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Epilogue: The Youngest Romantics

Sebastian, or Virtue Rewarded
Sebastian, or Virtue

NYPL, Berg Collection

Queen Victoria's pencil drawing
Queen Victoria's
pencil drawing of
hand, ca. 1830
NYPL, Pforzheimer

Her Highness the Princess
Her Highness the
Princess Victoria

NYPL, Print Collection

[Mary Wollstonecraft]
[Mary Wollstonecraft]
NYPL, Pforzheimer

The women of this last section came of age at the end of the Romantic era; their lives offer a glance at the transition to the Victorian period. Where poetry had been the most esteemed and popular form among readers of a generation before, the novel was now the most-read genre. The publishing business boomed as new methods of making paper resulted in cheaper books and magazines. Indeed, all of Britain—except for Ireland—was booming, in its industry, its population, its overseas empire. And in the magazines, the topics of debate reflected this boom: child labor, factory conditions, "scientific" racism, prostitution, conditions in the colonies. It was a larger world altogether, with starker differences between people.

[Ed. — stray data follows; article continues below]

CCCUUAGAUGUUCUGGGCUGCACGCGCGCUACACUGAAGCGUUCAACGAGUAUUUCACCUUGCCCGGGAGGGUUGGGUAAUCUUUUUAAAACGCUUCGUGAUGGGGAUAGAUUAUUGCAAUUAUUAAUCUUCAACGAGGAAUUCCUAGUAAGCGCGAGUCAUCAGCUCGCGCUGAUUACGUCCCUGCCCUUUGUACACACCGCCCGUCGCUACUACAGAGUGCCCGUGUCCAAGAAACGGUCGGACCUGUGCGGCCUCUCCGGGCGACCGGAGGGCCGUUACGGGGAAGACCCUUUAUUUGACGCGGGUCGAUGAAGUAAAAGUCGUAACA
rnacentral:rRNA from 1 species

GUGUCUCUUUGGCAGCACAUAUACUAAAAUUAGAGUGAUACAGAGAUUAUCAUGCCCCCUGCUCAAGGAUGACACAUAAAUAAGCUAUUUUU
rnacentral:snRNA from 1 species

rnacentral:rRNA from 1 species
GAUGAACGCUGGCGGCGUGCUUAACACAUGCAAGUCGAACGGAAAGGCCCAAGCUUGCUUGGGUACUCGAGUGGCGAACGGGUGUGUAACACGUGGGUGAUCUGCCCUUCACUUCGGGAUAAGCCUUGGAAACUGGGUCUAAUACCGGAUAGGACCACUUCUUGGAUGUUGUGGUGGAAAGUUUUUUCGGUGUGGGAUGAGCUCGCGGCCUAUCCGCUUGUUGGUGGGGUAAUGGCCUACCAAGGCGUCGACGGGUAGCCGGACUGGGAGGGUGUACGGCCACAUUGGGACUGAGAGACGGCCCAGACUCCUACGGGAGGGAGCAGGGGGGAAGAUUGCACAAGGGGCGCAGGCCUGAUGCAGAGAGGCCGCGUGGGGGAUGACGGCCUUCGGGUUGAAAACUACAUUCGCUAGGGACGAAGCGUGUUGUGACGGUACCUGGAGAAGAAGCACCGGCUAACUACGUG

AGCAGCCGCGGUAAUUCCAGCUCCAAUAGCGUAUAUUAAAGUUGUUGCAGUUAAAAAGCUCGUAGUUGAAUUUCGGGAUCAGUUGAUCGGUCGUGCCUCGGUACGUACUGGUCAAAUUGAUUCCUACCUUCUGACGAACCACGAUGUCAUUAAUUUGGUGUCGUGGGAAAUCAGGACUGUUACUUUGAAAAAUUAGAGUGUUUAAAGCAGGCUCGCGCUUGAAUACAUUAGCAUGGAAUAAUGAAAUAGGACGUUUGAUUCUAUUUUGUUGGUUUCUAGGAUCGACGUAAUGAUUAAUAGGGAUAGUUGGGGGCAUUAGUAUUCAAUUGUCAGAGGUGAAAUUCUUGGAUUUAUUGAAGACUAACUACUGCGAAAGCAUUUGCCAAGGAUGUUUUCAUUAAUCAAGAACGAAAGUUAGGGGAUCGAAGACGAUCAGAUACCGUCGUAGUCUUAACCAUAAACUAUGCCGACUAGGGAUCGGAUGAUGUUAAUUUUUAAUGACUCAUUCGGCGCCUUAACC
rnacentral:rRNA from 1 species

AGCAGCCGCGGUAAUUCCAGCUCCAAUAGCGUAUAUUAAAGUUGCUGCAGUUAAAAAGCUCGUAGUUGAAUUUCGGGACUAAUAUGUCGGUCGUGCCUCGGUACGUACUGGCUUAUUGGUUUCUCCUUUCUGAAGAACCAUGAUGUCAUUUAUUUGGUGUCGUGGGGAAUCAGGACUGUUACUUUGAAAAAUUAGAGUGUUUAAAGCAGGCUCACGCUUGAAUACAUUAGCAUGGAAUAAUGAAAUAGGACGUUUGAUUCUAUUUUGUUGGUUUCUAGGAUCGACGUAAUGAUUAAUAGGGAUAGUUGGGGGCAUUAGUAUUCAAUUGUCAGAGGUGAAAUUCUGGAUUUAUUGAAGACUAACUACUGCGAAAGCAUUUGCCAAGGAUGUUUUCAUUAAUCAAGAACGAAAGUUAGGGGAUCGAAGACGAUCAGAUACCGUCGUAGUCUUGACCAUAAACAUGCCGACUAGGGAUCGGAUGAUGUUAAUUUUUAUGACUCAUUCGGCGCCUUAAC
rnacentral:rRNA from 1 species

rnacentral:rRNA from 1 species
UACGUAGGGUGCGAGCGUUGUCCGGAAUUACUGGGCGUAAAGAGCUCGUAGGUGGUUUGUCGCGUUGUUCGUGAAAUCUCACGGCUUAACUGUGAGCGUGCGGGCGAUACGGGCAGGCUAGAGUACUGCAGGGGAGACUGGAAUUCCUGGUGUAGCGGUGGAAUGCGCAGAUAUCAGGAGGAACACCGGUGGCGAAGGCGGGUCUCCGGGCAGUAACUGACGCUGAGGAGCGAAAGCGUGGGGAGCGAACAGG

Expectations of women’s sexuality had changed, too: convention had forced Mary Wollstonecraft to pretend that Gilbert Imlay was her husband, but George Eliot lived openly with her life partner, George Henry Lewes. In Wollstonecraft’s London, women were assumed to be the same lustful creatures as men, and even respectable newspapers printed gossip. In the larger, smokier, more secretive London of the mid-nineteenth century, it was easier for women to live independently, lost in the crowd. Within their families, however, social demands were more stringent, and middle-class women were assumed to be "pure"—that is, passionless. Women of the period before Victoria, their longings unsuppressed, seem more familiar to us. And while the past is not a mirror for the present, the strivings of these women—like Princess Victoria’s beautifully drawn outstretched hand, on view here—reflect the still unrealized plans that are their legacy.

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